A final example; How often have I actually clicked a link to nextag.com to look for something specific, as a last resort, and find that they actually don't have ANY sources, but 'check back real soon'! Argh. And you can be sure I'll be peppered with ads for that item for a while. Grrr.

    It's a lot like old fashioned junk mail, except I don't even need to carry it to the dumpster. It could be worse.

    And it probably is. My only fear is that I will eventually get categorized, and red-lined so that I never see ads for what I actually want, but I see ads that are shoveling me something I don't want, but 'they' are trying to steer me to. This is entirely illegal in financing, but not quite yet in retailing. We'll see if it should be or not.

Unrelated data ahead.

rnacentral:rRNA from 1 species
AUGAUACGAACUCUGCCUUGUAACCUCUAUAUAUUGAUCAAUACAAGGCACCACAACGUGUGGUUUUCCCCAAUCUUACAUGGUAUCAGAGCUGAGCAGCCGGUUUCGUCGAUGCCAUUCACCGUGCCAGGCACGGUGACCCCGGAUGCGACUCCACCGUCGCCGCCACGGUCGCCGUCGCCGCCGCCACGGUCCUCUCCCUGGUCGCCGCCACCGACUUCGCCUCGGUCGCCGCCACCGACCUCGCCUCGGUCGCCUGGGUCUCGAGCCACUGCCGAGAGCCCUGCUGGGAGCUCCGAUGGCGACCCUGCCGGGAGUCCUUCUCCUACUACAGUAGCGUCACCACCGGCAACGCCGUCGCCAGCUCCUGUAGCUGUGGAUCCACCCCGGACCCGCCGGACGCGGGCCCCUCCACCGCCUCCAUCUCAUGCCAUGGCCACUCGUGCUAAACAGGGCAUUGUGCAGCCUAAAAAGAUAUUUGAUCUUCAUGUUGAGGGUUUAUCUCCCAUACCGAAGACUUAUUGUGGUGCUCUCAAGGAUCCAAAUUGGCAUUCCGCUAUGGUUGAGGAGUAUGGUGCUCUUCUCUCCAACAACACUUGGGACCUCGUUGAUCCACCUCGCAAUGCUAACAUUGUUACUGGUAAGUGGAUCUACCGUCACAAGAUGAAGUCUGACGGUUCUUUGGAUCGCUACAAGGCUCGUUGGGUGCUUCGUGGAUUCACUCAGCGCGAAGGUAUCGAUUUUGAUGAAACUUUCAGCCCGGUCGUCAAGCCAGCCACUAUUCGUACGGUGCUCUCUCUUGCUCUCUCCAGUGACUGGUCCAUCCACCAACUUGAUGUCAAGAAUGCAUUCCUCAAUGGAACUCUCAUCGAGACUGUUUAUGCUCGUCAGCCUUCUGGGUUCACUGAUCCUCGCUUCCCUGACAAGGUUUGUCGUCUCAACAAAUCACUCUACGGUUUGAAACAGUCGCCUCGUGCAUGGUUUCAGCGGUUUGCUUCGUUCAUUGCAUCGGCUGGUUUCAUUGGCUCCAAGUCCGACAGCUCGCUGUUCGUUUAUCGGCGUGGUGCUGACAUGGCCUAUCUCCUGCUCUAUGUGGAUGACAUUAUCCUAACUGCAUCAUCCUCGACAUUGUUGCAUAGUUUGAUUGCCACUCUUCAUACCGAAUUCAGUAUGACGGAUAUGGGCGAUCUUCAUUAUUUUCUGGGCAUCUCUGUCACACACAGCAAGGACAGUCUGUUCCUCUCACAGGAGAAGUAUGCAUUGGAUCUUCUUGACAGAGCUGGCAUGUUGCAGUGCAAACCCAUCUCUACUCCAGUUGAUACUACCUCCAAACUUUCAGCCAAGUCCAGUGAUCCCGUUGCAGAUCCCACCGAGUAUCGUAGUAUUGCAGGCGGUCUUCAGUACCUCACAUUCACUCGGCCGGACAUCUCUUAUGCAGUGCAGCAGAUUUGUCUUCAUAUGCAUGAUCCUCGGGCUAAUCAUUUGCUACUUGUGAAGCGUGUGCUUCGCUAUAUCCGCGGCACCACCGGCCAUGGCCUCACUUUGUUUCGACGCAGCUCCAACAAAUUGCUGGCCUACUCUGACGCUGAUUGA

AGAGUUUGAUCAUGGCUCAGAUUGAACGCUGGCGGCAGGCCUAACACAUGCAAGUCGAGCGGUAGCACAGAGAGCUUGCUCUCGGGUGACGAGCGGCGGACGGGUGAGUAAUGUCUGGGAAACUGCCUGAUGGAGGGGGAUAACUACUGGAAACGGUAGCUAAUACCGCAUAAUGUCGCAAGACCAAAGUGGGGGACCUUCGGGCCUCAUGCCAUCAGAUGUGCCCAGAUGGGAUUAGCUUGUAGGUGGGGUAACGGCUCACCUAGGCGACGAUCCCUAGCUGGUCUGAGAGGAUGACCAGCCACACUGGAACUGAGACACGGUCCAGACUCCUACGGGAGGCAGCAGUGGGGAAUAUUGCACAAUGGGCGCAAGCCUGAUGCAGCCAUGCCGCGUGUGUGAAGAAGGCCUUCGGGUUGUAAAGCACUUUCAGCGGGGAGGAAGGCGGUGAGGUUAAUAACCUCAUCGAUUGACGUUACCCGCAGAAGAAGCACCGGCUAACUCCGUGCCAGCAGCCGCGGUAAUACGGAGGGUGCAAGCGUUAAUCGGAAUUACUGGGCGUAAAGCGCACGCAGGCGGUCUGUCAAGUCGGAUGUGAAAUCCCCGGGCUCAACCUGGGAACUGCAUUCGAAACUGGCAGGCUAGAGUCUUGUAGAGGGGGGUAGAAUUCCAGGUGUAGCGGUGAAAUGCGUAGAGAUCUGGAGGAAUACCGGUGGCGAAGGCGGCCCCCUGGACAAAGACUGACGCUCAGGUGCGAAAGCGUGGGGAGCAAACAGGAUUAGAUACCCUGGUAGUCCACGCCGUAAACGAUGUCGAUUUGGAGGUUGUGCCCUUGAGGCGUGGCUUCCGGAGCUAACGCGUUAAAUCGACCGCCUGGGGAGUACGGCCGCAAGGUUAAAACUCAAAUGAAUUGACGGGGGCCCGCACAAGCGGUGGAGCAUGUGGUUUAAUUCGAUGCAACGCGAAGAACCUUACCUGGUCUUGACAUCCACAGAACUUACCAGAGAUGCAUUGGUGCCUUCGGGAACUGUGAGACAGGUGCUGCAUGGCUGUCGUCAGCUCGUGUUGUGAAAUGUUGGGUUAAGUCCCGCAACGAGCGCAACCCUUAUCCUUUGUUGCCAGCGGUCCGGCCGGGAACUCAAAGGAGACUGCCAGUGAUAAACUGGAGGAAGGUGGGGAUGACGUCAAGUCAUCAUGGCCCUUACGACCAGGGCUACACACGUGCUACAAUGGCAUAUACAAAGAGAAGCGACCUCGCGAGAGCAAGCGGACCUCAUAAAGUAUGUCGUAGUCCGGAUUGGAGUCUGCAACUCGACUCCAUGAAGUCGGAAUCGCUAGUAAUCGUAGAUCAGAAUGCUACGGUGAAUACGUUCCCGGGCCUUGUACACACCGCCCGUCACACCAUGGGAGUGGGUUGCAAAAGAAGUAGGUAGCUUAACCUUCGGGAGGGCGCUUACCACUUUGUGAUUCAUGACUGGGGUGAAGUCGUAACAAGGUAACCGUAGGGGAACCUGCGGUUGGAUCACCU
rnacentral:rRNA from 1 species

• by joeszilagyi (635484) on Monday February 14, 2011 @04:50PM (#35202912)

    A Real Man who wants to visit websites will load each site in a separate browser instance with a unique agent string and a different browser vendor and build each time with all cookies and scripts (1st, 2nd, 3rd, 87th party, etc.) hard-blocked, and only from within a series of totally unique VM environments of no less than Windows XP (Home and Pro), Vista (all 4,556 varieties), Win 7 (all varieties) and no less than 1,396 versions and flavors of Linux or Unix derived operating systems, and each randomly selected for each site visit, which are only done from a Tor onion connection running inside of the VM, which is in turn routed through a Tor onion connection running from the top-level main desktop that you're doing all this from, and each VM is promptly rolled back to pre-website status after your visit is done--and that's for EVERY SINGLE VISIT. ANYTHING LESS THAN THIS LETS THE INTERNET RAYS PENETRATE YOUR TINFOIL THINKING CAP.

Logic is the chastity belt of the mind!